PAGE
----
But however you cut it, to those of us in the majority who do not support the government in power at the time, the effect is the same, we have laws dictated to us by people we neither like nor support. We're told this system is okay though because we get a local elected representative that we wouldn't get under proportional representation. Quite what use a local represenative that you didn't vote for and doesn't share your views is I've yet to understand however.

Britain has a thin veil that allows it to pretend to be a democracy, but it's democratic in so far as you get to tick a box and stick it in the ballot box, the chance of you being one of the people whose tick actually counts for anything though is, well, going by the last election, only 35%. To me, if my vote is consistently meaningless because I do not support the dominant party in my area, then I absolutely do not live in a democracy, I live in a dictatorship.

Re:Democracy ? (1)

Blappo (976408) | more than 3 years ago | (#30461424)

Nice burn, with facts no less.

And of course, we'll see no Mea Culpa from the peanut gallery, who only minutes ago was hellbent on ejaculating his opinion everywhere.

Re:Democracy ? (3, Insightful)

Monkeedude1212 (1560403) | more than 3 years ago | (#30460600)

What are you talking about? Britain is totally still a Monarchy. The news won't shut up about Queen Elizabeth this and Prince Henry that.

I mean they don't even have a constitution, just a handful of scattered laws and judgements that would take ages to find if the need arises. How can you possibly be expected to fight for your democratic rights if you can't use the internet to look up which document it's even filed under?

In the infaliable United States Democracy (in which I do not reside) - those people have their democratic rights MEMORIZED, printed off, laminated, and FRAMED above their mantlepiece.

Re:Democracy ? (0, Flamebait)

sexconker (1179573) | more than 3 years ago | (#30460904)

In the infaliable United States Democracy (in which I do not reside) - those people have their democratic rights MEMORIZED, printed off, laminated, and FRAMED above their mantlepiece.

The United States Democracy certainly is infaliable, by which I mean it is not infallible and is in fact a total failure.

The United States Republic was much better. Though I have no idea where it went.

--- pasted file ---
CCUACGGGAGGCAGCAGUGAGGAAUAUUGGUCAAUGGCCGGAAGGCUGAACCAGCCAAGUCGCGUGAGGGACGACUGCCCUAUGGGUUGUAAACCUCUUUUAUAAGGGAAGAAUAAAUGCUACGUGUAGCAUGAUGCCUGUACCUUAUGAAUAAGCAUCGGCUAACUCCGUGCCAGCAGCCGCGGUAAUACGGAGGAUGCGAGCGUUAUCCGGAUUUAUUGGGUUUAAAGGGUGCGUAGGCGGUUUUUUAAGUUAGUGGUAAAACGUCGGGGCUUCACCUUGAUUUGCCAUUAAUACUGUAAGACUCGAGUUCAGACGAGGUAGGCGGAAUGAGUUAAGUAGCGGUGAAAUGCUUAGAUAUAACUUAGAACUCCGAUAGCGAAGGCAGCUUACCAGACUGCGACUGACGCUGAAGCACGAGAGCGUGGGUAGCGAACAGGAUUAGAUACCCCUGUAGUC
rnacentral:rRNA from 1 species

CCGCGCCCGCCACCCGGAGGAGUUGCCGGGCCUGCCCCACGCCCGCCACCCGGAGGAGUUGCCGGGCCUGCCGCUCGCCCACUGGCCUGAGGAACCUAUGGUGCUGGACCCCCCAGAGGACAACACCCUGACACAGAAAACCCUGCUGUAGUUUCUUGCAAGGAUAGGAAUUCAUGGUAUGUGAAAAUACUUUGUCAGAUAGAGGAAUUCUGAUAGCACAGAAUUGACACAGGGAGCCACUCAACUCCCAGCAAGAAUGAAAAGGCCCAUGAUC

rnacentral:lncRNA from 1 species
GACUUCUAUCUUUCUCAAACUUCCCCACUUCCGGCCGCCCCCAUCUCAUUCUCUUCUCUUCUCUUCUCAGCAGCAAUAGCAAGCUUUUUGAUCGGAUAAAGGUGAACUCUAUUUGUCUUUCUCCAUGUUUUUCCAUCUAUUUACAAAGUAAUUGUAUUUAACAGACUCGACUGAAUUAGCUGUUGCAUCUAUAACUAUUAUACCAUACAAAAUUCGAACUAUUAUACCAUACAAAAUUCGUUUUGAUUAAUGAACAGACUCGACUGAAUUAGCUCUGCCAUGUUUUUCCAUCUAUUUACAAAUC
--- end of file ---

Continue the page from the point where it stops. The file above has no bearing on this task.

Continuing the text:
Re:Democracy ? (1)

dwiget001 (1073738) | more than 3 years ago | (#30461292)

|| The United States Republic was much better. Though I have no idea where it went. ||

The last remnants of the United States Republic were vaporized by global warming -- er -- climate change.

Re:Democracy ? (0)

Anonymous Coward | more than 3 years ago | (#30461346)

The United States Democracy certainly is infaliable, by which I mean it is not infallible and is in fact a total failure.

The United States Republic was much better. Though I have no idea where it went.

The Republic is still there. Unfortunately it has, for many decades, been stripped of its democratic ideals.

Re:Democracy ? (1)

onedotzero (926558) | more than 3 years ago | (#30460908)

Thanks to the EU and its various treaties, the word 'queen' doesn't mean anything anymore. She may still be referred to as such, but she is now a citizen just like the rest of us: http://archbishop-cranmer.blogspot.com/2008/06/royal-assent-of-treaty-of-lisbon.html [blogspot.com]

Re:Democracy ? (1)

Monkeedude1212 (1560403) | more than 3 years ago | (#30460984)

Oh I know, it's just annoying how she still manages to make the front page being nothing more than a Celebrity that doesn't make movies or music.

Re:Democracy ? (1)

SomeJoel (1061138) | more than 3 years ago | (#30461122)

Oh I know, it's just annoying how she still manages to make the front page being nothing more than a Celebrity that doesn't make movies or music.

Like Paris Hilton?

Re:Democracy ? (1)

0123456 (636235) | more than 3 years ago | (#30461222)

Like Paris Hilton?

Sadly, Paris Hilton has been in many movies.

I've met both Paris Hilton and the Queen and I can safely say that I'd much rather be trapped in an elevator with the latter than the former.

Re:Democracy ? (1)

Beardo the Bearded (321478) | more than 3 years ago | (#30461354)

I'm pretty sure she made at least one movie.

Re:Democracy ? (4, Informative)

jameskojiro (705701) | more than 3 years ago | (#30460978)

" In the infaliable United States Democracy (in which I do not reside) - those people have their democratic rights MEMORIZED, printed off, laminated, and FRAMED above their mantlepiece. "